Those little Škoda rally cars can be so embarrassing. Not, you understand, for the teams running them or for the drivers and navigators piloting them, but for the crews of much more powerful machines in front of them.
Rally cars bearing the famous winged arrow badge and built in Mladá Boleslav, in what is now the Czech Republic, have a long history of making drivers of supposedly faster cars break into a sweat when they catch sight of them in their rear view mirror. Many a co-driver of theoretically superior machinery has cursed under their breath as they have compared stage times with their Škoda-mounted counterparts.
Even back in 1970s and the 1980s Škoda’s rear-engined models looked quite antiquated. But that did not stop it winning its class year after year on Great Britain’s uber-gruelling RAC Rally, and in the process claiming the scalp of many a more muscular car that should have been a long, long way ahead of them on the time sheets.
Today, the 1977 Škoda 130 RS two-door coupé sitting in a queue of traffic to start a stage of the 2016 Eifel Rally Festival looks quite pretty. But it also looks completely out of place amongst the MkII Ford Escorts, with their bulging wheel arches, and the fearsome Group B four-wheel drive super cars, with their outrageous aerodynamic appendages.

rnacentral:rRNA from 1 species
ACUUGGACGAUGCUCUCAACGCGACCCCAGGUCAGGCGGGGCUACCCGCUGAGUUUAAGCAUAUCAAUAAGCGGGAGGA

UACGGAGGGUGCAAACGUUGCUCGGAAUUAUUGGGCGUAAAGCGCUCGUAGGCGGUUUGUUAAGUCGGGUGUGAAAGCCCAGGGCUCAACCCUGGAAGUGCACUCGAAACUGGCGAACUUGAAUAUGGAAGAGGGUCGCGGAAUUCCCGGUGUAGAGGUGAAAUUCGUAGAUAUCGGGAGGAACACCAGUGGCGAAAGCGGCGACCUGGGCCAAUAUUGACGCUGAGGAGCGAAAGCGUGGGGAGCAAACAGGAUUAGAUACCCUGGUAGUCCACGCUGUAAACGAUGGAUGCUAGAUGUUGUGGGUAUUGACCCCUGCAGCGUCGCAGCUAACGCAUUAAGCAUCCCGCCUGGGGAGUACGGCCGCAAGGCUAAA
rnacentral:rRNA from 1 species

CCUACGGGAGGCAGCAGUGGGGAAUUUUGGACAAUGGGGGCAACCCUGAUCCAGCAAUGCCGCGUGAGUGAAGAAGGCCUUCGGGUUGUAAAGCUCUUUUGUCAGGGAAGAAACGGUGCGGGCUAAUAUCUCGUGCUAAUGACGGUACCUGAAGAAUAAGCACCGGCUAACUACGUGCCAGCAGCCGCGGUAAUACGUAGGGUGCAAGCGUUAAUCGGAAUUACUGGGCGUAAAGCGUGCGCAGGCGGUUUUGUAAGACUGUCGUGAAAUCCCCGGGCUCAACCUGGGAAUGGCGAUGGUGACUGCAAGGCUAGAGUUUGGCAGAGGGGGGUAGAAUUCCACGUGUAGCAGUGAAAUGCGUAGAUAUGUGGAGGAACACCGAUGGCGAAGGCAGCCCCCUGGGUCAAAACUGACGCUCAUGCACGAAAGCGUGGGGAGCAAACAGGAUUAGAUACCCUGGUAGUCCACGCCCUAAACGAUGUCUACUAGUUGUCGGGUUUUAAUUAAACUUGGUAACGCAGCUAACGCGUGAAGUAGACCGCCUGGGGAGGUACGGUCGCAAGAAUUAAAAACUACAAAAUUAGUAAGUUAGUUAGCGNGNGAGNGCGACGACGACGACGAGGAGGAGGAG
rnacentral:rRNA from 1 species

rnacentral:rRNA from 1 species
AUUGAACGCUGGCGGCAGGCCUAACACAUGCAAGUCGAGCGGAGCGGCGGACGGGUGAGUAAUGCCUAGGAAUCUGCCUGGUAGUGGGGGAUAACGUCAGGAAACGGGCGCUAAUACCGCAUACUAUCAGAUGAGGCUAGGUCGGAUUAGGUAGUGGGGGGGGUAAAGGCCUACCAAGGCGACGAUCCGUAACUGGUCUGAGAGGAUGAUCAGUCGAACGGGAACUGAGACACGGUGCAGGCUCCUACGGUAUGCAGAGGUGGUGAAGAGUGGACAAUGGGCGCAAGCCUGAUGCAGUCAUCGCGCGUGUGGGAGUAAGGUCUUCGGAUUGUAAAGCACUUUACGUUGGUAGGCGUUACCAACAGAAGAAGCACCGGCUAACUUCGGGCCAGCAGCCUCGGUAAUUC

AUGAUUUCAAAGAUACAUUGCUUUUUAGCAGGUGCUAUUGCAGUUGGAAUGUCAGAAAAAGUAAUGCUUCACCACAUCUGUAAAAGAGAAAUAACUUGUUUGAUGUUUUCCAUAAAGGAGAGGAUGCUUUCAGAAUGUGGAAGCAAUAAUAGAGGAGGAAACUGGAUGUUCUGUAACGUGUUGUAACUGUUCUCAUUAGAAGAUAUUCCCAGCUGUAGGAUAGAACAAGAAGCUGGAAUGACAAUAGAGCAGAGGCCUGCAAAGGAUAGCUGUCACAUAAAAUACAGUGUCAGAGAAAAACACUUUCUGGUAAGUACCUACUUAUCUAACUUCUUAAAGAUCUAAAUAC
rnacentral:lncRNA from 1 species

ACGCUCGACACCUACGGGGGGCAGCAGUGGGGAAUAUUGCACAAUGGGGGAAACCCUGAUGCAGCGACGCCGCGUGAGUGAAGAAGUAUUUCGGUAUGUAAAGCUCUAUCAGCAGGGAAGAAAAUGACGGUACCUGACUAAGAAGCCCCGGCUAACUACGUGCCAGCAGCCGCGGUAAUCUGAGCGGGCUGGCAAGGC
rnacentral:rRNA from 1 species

But take a closer look at the Škoda. See, there, the seven gold stars by the driver’s name? That’s one for each time forty-seven year-old Matthias Kahle won his native German Rally Championship between 1997 and 2010. And four of those victories were taken in Škodas, although when it comes to technology, the Octavia and Fabia WRC and Fabia S2000 cars Matthias took his titles with are light years ahead of the 130 RS.
Anyone who has seen Matthias drive the 39-year-old Škoda before will know that he does so at a very rapid and ever-so-sideways pace. So on reflection, I wouldn’t want be sitting behind the wheel of the car in front of the Škoda, lest at some point I catch a glimpse of the little red white and blue car and its comically old-school spot lamps in my rear view mirror.